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Interview with Prof. Dr. Elvira Bratila, the first gynecological surgeon performing robotic interventions in Romania

Believe in your strengths and share your passion with the world!” – Prof. Dr. Elvira Bratila

 When did you decide to get involved in robotic surgery? What was the trigger for this decision?

I started robotic surgery four years ago. Following the global trend, which since then has been moving towards minimally invasive surgery, less traumatic and with benefits for both the surgeon and patient, I looked at this new approach very inspirationally. At that time, we were discussing that we would operate on surgical robots in the future, but this goal seemed so far away. I have always been a “future oriented” person and aspired to innovative solutions, to a higher standard and to those approaches that bring added value to the patient. In this regard, I have constantly prepared to offer everything that means state-of-the-art surgery and aligning the surgical standards in Romania to the ones in the great medical centers of Europe and the USA. Although we did not expect it to happen so soon, robotic technology has become a trendy technique in Romania. So we could say this is a dream come true and I am honored that I had the opportunity to be the first gynecological surgeon performing robotic interventions in Romania.

 

 You are performing robotic surgery for over four years.  Do you remember your first robotic surgery?  How did it feel completing it?

When I was at the Da Vinci robot console for the first time, I had the feeling that I had always been there. The “intuitive” concept of the Da Vici robot transfers to the surgeon who uses it and support in maximizing his/her surgical skills. Having performed all types of surgery, I can appreciate comparatively, that the new technology gives one of the best visibility, allows the most precise tissue excision and its arms allows gestures that exceed the limits of human gesture, offering great comfort and precision to the surgical act. From the patient’s perspective, the fact that they experience no pain, complications and risks after surgery and can be discharged from the hospital in 2-3 days, these are the real benefits that allows them a fast recovery, to come back to their life routine .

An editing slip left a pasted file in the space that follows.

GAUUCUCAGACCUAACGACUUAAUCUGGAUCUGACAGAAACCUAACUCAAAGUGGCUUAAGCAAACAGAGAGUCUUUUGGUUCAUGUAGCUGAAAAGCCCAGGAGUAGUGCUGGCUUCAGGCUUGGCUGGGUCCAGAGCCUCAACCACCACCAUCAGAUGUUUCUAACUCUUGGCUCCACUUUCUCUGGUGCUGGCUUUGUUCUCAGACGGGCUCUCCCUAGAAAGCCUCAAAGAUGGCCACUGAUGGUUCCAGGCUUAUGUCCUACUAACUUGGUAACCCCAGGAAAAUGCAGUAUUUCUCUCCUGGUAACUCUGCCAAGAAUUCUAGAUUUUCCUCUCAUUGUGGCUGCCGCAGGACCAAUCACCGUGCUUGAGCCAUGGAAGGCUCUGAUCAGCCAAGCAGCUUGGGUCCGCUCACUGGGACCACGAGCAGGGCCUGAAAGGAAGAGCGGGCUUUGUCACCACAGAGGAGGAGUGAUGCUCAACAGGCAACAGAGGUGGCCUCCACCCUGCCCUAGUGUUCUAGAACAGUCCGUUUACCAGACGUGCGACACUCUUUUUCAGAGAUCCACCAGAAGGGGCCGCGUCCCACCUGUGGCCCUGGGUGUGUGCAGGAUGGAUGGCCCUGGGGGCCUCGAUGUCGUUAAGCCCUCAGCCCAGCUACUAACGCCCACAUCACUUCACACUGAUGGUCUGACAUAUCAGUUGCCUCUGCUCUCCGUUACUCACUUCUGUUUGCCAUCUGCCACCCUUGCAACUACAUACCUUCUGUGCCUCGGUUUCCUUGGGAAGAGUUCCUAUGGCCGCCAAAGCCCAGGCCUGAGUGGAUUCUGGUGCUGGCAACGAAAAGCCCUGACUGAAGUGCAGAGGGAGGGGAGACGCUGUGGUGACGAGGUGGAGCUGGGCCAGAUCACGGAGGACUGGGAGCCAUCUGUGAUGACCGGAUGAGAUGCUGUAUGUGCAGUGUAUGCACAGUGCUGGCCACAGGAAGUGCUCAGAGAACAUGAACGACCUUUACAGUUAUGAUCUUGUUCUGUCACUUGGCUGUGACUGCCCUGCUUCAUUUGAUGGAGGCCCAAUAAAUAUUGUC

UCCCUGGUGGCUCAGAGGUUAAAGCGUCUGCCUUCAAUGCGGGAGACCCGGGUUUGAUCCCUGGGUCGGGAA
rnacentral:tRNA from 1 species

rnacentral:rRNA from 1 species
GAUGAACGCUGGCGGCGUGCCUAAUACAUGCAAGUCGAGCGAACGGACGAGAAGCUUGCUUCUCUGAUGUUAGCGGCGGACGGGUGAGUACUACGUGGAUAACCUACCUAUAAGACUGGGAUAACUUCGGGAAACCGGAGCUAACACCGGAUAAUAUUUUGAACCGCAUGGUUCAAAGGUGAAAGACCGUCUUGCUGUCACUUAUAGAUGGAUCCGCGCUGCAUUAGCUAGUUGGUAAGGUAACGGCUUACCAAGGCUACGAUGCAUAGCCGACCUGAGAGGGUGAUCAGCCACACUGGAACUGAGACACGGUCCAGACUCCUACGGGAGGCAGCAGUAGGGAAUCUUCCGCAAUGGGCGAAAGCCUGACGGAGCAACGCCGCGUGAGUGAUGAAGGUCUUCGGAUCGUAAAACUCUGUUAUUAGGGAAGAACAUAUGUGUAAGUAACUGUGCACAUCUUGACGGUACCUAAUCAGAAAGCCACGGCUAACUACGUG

I remember the first robotic operation, a young patient suffering from deep endometriosis. She had been operated on 5 times in 10 years, had no children, and due to previous interventions the ovaries were severely affected by previous interventions and the evolution of the disease. I performed the robotic surgery, I excised all the endometriosis lesions, but her only chance to become a mother is in vitro fertilization with egg donation.

 

What are the challenges you faced during these years in your field which is mainly dominated by male surgeons?

I have never thought differently about a woman surgeon compared to a man surgeon and I believe we must achieve a balance in the profession, in society and in life. We must overcome these prejudices. People should be seen “professionals”, whether they are men or women. Being a professional, whether one is a woman or a man, should be the real career goal. That is why, as a woman surgeon, I have courageously and balanced assumed all the roles and responsibilities, professional and human. Women and men can beautifully complement each other in their profession, couple or life.

 

Do you have a piece of advice to young female medical students or surgeons?

Medicine is a continuous learning process. Therefore, my advice is to get continuously informed and educated, to be updated with the progress within the field in which one practices. Get involved in the field you are passionate about! It is very important in surgery that you do it with passion. This way you will not perceive it as an effort, but as a life goal. Last but not least, have courage to exceed your limits, dare following your dreams, believe in your strengths and share your passion with the world!